During my medical elective I worked as an intern for Dr Andrew Murray, the Chief Medical and Scientific Officer of DP World Tour Golf. As part of this elective, I was fortunate to join the medical team from the Sunshine Tour for two co-sanctioned golf events in South Africa (SDC Championship and Jonsson Workwear Open). This opportunity not only allowed me to gain an insight into sports medicine, but also into the medical and operational services for high-level golf events.
Structure of medical care
The Sunshine Tour hashave a large team of professionals that contribute to medical care for these events, including a Chief Medical and Strategic Officer, Sport and Exercise Medicine Doctor, physiotherapists and a team of dedicated Paramedics, and first aiders who are familiar with golf medicine. Depending on the size of the course in play, the team will be split across multiple sites; typically, the central Doctor’s clinic and one or two satellite clinics where the Paramedic team operates. Throughout the day the team also utilizesutilise a mobile buggy that roams the areas of the course that are difficult to access quickly from the central and satellite clinics. This set up allows for efficient access to all areas of the course and permits Players and Caddies to visit the Paramedic tent during their round without the need to travel back to the central clinic.
The medical services for the co-sanctioned events operate from Monday through to Sunday, and cover practice rounds, the Pro-Am tournament, and the main tournament. A typical day starts at 6am and finishes once the last players and caddies return from their round. The aim of the first day is orientation, with the focus being on navigating the course effectively and establishing the most efficient routes to each hole from each of the different medical sites. This process was certainly a priority for the staff and proved to be effective in providing quick medical care when it was required throughout the day. Orientation was not limited to on-site medical care, but also involved identifying the closest hospitals and specialized services in the event that any injuries or illnesses could not be managed in the available facilities. For example, one patient was taken off site to see an eye specialist for resistant conjunctivitis. The first few days also involved several risk assessment and management discussions with the Tournament Directors, which included contingency plans for dangerous weather conditions and unexpected events such as cardiac arrests.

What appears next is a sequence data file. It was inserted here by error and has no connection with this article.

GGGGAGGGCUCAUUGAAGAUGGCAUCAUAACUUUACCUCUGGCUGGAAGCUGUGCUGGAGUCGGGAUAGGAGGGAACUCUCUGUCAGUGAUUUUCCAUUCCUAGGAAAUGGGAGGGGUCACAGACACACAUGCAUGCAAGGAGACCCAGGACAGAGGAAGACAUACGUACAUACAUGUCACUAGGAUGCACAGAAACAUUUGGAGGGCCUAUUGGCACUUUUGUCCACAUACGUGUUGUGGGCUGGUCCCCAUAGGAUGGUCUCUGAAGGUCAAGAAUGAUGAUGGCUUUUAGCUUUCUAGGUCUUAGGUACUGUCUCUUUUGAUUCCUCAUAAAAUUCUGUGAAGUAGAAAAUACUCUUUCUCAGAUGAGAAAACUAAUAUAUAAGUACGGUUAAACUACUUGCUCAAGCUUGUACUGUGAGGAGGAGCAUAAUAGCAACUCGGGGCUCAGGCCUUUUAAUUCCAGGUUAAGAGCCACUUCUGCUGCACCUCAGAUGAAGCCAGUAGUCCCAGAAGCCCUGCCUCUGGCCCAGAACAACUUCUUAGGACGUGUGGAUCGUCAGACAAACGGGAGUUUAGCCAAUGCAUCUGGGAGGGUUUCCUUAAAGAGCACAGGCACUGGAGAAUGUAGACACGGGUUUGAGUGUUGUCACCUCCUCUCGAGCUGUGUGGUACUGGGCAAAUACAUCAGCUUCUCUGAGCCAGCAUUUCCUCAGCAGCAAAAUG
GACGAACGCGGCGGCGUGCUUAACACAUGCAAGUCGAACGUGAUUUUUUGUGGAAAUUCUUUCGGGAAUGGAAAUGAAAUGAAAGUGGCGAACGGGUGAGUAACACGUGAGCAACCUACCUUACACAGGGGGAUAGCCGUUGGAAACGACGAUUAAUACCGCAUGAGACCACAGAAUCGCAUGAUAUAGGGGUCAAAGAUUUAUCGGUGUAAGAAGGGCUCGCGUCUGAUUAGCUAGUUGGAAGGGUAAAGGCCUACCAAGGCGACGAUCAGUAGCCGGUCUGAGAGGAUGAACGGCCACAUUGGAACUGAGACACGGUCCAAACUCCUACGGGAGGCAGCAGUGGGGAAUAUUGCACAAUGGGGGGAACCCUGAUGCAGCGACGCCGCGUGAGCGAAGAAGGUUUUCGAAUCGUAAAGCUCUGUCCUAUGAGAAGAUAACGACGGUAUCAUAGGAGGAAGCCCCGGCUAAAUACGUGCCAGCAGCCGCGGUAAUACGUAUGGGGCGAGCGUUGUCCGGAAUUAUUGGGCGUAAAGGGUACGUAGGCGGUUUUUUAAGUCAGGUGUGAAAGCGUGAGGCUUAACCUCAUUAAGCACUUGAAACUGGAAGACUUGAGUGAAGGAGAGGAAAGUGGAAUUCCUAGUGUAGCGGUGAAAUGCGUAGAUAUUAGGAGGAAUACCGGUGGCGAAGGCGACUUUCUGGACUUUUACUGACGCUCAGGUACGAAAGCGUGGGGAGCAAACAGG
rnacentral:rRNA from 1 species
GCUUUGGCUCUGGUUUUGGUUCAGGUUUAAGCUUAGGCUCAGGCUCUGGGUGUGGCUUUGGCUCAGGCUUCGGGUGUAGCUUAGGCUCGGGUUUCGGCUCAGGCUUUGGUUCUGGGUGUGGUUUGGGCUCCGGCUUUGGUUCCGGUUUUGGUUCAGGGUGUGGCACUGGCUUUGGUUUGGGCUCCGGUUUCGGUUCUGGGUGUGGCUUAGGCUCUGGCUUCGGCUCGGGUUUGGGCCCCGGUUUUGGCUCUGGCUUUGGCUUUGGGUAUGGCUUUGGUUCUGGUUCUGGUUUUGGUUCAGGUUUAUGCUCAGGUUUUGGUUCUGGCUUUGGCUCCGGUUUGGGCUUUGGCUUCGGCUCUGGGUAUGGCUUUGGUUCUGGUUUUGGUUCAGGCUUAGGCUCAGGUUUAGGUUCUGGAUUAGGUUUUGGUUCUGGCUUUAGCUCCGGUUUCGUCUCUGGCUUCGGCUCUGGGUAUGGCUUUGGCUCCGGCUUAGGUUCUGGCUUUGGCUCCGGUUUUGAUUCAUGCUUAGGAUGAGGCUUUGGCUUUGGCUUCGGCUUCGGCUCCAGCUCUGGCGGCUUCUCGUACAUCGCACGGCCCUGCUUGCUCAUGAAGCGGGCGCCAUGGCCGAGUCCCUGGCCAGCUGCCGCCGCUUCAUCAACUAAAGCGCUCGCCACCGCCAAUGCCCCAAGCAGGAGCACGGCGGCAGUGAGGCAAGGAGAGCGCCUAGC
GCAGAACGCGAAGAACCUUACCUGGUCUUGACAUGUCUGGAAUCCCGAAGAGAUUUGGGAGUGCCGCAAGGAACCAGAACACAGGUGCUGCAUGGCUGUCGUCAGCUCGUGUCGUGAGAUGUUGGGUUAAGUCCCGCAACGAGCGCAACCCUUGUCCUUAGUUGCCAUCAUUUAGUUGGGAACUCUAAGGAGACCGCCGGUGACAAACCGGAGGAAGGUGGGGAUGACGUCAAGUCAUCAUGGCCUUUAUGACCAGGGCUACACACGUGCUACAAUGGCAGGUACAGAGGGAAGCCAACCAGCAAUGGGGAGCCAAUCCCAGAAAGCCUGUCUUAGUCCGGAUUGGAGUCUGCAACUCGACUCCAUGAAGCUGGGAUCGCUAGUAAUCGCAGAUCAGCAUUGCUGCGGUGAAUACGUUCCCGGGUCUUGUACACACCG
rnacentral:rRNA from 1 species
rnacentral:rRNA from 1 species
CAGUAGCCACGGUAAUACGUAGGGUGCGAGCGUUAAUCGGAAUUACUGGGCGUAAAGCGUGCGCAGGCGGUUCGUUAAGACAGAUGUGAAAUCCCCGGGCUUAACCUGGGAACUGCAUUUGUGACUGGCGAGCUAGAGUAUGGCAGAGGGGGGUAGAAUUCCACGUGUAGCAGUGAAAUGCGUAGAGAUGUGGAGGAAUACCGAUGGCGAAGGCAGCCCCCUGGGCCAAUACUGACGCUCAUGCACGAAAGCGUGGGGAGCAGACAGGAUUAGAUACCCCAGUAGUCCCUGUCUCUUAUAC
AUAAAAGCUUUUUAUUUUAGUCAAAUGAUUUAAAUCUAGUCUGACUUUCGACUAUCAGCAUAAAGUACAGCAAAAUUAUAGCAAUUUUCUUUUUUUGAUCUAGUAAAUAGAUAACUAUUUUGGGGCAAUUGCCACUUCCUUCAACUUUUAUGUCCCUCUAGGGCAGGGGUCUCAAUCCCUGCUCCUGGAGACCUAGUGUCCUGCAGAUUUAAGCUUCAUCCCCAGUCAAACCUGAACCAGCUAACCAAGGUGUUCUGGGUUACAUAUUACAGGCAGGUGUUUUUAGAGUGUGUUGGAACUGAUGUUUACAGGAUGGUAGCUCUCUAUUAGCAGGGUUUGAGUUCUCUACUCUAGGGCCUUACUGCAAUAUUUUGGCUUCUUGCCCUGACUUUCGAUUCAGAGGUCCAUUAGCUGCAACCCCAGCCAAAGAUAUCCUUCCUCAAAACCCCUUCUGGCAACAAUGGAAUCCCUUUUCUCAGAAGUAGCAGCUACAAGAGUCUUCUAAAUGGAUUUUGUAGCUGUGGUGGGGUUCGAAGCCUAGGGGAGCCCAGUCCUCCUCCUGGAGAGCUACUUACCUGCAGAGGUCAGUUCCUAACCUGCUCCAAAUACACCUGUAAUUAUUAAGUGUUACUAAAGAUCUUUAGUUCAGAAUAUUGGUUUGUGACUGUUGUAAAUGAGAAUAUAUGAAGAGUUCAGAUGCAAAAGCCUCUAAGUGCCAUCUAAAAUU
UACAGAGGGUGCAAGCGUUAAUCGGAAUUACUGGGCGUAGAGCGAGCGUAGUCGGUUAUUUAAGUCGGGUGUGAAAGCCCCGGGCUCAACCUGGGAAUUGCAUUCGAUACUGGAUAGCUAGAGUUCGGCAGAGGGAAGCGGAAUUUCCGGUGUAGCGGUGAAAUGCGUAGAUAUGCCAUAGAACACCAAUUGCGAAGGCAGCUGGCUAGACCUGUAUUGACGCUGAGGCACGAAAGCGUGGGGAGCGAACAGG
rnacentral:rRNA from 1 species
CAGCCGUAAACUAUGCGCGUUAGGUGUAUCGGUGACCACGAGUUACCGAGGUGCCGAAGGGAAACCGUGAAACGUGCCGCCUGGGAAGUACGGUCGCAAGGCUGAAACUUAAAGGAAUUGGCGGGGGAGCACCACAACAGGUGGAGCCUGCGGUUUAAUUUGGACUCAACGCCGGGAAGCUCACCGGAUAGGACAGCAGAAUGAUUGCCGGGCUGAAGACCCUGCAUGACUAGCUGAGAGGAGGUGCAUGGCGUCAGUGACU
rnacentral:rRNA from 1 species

Each member of the team was provided with a radio to assist both internal communication, and communication with other members of staff working at the event. If an injury was sustained in play, the Rules Official stationed at the hole would contact the medical team via radio, and the Chief Medical Officer would subsequently dispatch the nearest and most appropriate team. This process was identical for both the golfers and spectators alike.
The central doctor’s clinic was very well equipped to investigate and manage acute and chronic injuries and common emergencies. In addition to common investigative tools such as an ophthalmoscope, an otoscope and a blood glucose monitor, the clinic also had access to a 12-lead ECG, oxygen saturation probe and a point of care ultrasound machine. Medical services in the clinic range from common medications such as antibiotics, pain relief and antacids to more specialized services such as suturing kits, intravenous lines, B12 injections and resuscitation equipment.
The Paramedic tents were also well equipped with emergency care equipment, common medications and a patient bed. If the adverse event could not be managed in one of the satellite sites, there was an ambulance that could transport the individual back to the central clinic.
In summary, I believe that the services offered by the Sunshine Tour provide good and responsive patient care across 4 square miles of playing field, where a variety of illnesses, injuries and operational challenges can be anticipated. The structure of the team, alongside the systematic operational procedures, allow for efficient and high-quality medical care.
Blog by James Nelson (6th Year Medical Student, University of Edinburgh) with Wimpie Du Plessis (Chief Medical and Strategic Officer- Sunshine Tour) & Konrad Van Hagen (Senior Medical Officer- Sunshine Tour)